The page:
Many people go to college to become good employees. The ironic truth is, college presents a phenomenal opportunity to start a business of your own. I attend a large public university and it's hard not to notice the amazing opportunities in front of me. Here are the reasons that your college years are the perfect time to start a business.
Entrepreneurship is notoriously risky. Luckily, the typical college student has few crucial responsibilities: no family to support and no full time career to worry about. In other words, you have little to lose. If your first business fails and you end up with the net worth of a cashew nut, no problem! That's probably how you started out.
The typical college student also has plenty of time ahead of him or herself. This has benefits in the case of success as well as failure. If you build a successful business, you will have plenty of time to expand it and leverage your resources and knowledge to build other successful businesses. Or, you could just cash out at 30 and retire.
On the other hand, in the event that your business flops, you have plenty of time to try again. You'll only be smarter the next time.
Youth also means a fresher perspective than previous generations. You are more familiar with current technologies and what's trendy. You aren't as bound by traditional preconceptions of how things "should" be done.
College students are known to be hard-strapped for cash. If you're looking to hire inexpensive, decently skilled labor, college campuses are a great source. And if you're attending the college you will know exactly where to advertise for your desired skill sets.
I'm not sure how many hundreds of PhD professors are at my school, but it's enough that I could find an expert on virtually any topic. Whether I wanted to learn about emerging scientific research or I wanted some help with a business plan, it wouldn't be too hard to locate the right person. All major universities share this abundance of brilliant people. Although not all professors are sympathetic, many will be extremely helpful if they recognized that you are a student trying to do something extraordinary.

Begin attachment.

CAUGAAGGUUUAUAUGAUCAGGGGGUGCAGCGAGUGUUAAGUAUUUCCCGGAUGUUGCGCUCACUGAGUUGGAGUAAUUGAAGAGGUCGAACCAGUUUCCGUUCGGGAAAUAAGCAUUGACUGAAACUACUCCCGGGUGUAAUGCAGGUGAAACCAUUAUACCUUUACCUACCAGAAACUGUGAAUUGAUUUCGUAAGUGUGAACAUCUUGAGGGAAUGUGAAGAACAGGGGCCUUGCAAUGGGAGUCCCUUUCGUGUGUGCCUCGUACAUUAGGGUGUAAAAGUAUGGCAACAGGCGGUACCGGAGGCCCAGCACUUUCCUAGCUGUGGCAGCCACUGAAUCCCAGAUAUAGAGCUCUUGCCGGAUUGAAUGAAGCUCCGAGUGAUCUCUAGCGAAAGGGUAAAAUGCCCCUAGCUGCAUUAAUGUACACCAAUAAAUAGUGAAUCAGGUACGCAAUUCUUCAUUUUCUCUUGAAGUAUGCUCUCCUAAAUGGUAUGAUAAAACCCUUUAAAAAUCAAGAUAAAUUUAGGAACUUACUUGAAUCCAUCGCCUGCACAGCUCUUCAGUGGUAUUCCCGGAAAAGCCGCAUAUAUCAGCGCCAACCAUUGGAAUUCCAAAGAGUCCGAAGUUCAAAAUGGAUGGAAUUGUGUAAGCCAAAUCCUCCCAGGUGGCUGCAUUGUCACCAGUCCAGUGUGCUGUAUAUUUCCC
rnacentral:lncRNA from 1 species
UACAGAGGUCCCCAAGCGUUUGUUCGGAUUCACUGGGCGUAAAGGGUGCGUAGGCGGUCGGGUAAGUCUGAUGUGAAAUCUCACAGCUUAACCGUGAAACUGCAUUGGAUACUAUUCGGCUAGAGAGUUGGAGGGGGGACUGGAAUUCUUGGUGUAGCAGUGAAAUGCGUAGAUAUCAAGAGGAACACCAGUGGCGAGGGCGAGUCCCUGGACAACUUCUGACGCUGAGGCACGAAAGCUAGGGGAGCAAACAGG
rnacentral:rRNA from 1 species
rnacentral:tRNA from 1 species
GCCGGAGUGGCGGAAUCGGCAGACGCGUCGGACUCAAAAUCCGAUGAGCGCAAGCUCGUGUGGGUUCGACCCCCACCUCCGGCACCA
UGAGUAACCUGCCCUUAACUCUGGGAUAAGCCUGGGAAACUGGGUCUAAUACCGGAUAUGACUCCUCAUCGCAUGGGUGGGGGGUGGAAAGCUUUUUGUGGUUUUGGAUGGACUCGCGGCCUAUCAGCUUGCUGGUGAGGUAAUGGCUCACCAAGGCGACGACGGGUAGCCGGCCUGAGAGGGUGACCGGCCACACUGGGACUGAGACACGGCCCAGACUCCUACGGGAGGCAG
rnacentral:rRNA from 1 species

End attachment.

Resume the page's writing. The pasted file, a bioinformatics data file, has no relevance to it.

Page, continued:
In addition to professors, students most likely have access to one if not many comprehensive libraries and online databases.
Chances are, if you're starting a new business, you could benefit from the incredible capabilities of modern software. In the normal world, advanced applications range in price from hundreds to tens of thousands of dollars. Luckily, universities provide an amazing array of software to their students. To drop some names, my school provides access to: AutoCAD (3D design), Final Cut Pro (film editing), Adobe Design Premium CS3 (graphic design), Maya (3D animation), Maple (mathematics), ERwin (data modeling), SQL Server (database management), Virtuoso Schematic Editor (internal circuitry), SolidWorks (3D design), and many more.
Large format printers, 3D printers, laser etchers, machine shops, film editing bays, film studios, camera equipment, computer labs, meeting rooms, scientific equipment, etc. Major universities offer serious equipment such as this to their students. Usually students in relevant degree programs get preference, but it is there nonetheless.
Many universities want their students to build businesses. I don't know why. Perhaps for marketing or to encourage future multi-million dollar donations? Regardless, they will give grants for good business plans. From my observations this can amount to $5,000-$20,000 of free money.
When it comes to starting a business, college students have several unique advantages. Of course, there are other paths to success too. I don't think anyone told these billionaire college dropouts about starting a business in college.